Meanwhile, somewhat drier weather in the lower Mississippi Valley favored a gradual return to fieldwork. Still, some crop-quality concerns persisted in the central Gulf Coast States, as mature (or nearly mature) crops languished in still-soggy fields. Farther north, variable rainfall across the Plains and Midwest arrived too late to benefit most summer crops but locally boosted soil moisture in advance of the winter wheat establishment season. Even with the showers, parts of the northern and central Plains remained extremely dry. 

Late in the week, remnant moisture associated with former eastern Pacific Hurricane Kay resulted in scattered but locally heavy showers in the Southwest. Although the Southwestern rain improved topsoil moisture and aided wildfire containment efforts, local downpours contributed to flash flooding and debris flows. Prior to the arrival of Kay’s moisture, one of the hottest weeks ever observed at any time of year across California, the Great Basin, and the Intermountain West resulted in hundreds of daily-record high temperatures; dozens of monthly record highs; and several all-time records. Weekly temperatures averaged at least 15 degrees above normal in several locations across California, while readings averaged more than 10 degrees above normal as far east as western Colorado. In fact, heat broadly prevailed in the Northeast and west of a line from the southern Rockies to the upper Great Lakes region. In contrast, near- or slightly below-normal temperatures covered the Deep South, from the Rio Grande Valley to the Gulf Coast region. 

USDA Crop Progress Reports, Sept. 12

Nebraska – For the week ending Sept. 11, 2022, there were 6.2 days suitable for fieldwork. Topsoil moisture supplies rated 47% very short, 35% short, 18% adequate, and 0% surplus. Subsoil moisture supplies rated 43% very short, 37% short, 20% adequate, and 0% surplus.

Corn condition rated 18% very poor, 16% poor, 24% fair, 31% good, and 11% excellent. Corn dented was 86%, near 88% last year, and equal to the five-year average. Mature was 36%, near 33% last year, and ahead of 27% average. Harvested was 1%, equal to last year, and near 2% average.

Soybean condition rated 13% very poor, 17% poor, 27% fair, 34% good, and 9% excellent. Soybeans dropping leaves was 43%, equal to last year, and ahead of 37% average.

Winter wheat planted was 5%, behind 15% last year and 10% average.

Sorghum condition rated 44% very poor, 22% poor, 14% fair, 15% good, and 5% excellent. Sorghum coloring was 75%, behind 92% last year and 83% average. Mature was 14%, behind 24% last year, and near 17% average. Harvested was 1%, near 2% last year, and equal to the average.

Dry edible bean condition rated 3% very poor, 4% poor, 31% fair, 59% good, and 3% excellent. Dry edible beans setting pods was 95%, behind 100% both last year and average. Dropping leaves was 49%, well behind 74% last year. Harvested was 8%, well behind 30% last year.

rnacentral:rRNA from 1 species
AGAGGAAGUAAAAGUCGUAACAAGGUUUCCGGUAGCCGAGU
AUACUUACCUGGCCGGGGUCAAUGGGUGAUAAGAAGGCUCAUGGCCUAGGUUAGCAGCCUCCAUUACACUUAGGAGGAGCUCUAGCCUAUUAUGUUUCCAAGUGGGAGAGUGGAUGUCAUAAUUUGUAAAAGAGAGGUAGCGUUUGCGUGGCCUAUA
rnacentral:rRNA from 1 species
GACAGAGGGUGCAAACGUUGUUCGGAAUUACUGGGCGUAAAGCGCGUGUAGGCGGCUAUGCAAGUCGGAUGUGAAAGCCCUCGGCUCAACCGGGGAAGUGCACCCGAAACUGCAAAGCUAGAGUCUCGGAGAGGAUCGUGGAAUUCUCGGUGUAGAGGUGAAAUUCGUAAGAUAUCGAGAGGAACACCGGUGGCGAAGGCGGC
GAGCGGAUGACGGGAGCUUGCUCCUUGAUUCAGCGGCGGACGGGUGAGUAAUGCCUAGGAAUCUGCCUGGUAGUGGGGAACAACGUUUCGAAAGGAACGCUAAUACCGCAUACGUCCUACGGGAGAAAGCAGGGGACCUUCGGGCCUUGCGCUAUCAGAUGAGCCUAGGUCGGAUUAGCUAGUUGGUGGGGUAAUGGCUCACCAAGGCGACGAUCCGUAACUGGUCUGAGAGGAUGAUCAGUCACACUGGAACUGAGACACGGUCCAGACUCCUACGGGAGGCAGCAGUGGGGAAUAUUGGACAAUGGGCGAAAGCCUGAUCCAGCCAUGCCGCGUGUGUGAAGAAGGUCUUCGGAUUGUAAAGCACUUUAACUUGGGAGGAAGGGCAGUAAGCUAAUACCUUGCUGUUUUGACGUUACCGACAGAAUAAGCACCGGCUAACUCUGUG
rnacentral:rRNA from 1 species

Pasture and range conditions rated 50% very poor, 28% poor, 14% fair, 6% good, and 2% excellent.

Wyoming – For the week ending Sept. 11, 2022, precipitation varied across the state. Zero to trace amounts of moisture were received in the majority of the southwest, while portions of the northeast received upwards of two inches of rain. The greatest amounts fell in central Sheridan and Campbell Counties, as well as in western portions of Crook and Weston Counties. Temperatures once again ran above normal. The western part of the State saw temperatures as much as 4 to 10 degrees above average. Temperatures were highest in far southwestern Wyoming. Temperatures were less severe in the majority of eastern Wyoming, running from near normal to about 4 degrees above average. It was slightly warmer in eastern portions of some counties bordering Nebraska and South Dakota.

According to the U.S. Drought Monitor minor changes were seen in moderate drought and abnormally dry conditions. For the fourth week in a row, the amount of land rated drought free was unchanged at 9.9%. Abnormally dry conditions fell by 3.6 points to 31.0% from the previous week, while moderate drought increased by the same amount to 37.9% from the previous week. Severe and extreme drought conditions once again held steady at 19.6 and 1.6%, respectively.

Fall arrived in Lincoln County last week with frost some mornings. The frost affected some alfalfa fields and blackened many gardens. Vegetative growth was diminishing. Some producers ceased irrigating fields due to the lower temperatures.

Irrigation water supplies across the State were rated 20% very poor, 11% poor, 23% fair, and 46% good, compared to 17% very poor, 20% poor, 17% fair, and 46% good last week.

Stock water supplies across Wyoming were rated 12% very short, 31% short, and 57% adequate, compared to 11% very short, 39% short, and 50% adequate last week.

Colorado – For the week ending Sept. 11, 2022, record breaking temperatures followed by a stark cool down affected crop conditions across the State.

According to the U.S. Drought Monitor, 46% of the State is under drought conditions, unchanged from the previous week. Seventeen percent of the State is experiencing severe to exceptional drought conditions, unchanged from last week. Extreme drought conditions are affecting 3% of the State, down one percentage point from last week. Exceptional drought conditions in areas of Phillips and Sedgwick Counties were unchanged from last week, accounting for less than 1% of the State.

In northeastern and east central counties, temperatures reached above 100 degrees during the middle of the week, with some areas seeing temperatures above 105 degrees. For the second week in a row, no measurable moisture was received across much of the district. Limited precipitation allowed for planting of the 2023 winter wheat crop to progress ahead of the 5-year average. Corn for silage harvest progressed quickly last week, moving ahead of the previous year and 5-year average pace. Reports from the district show third cutting of alfalfa is almost complete, while the fourth cutting progressed well in other areas of the district.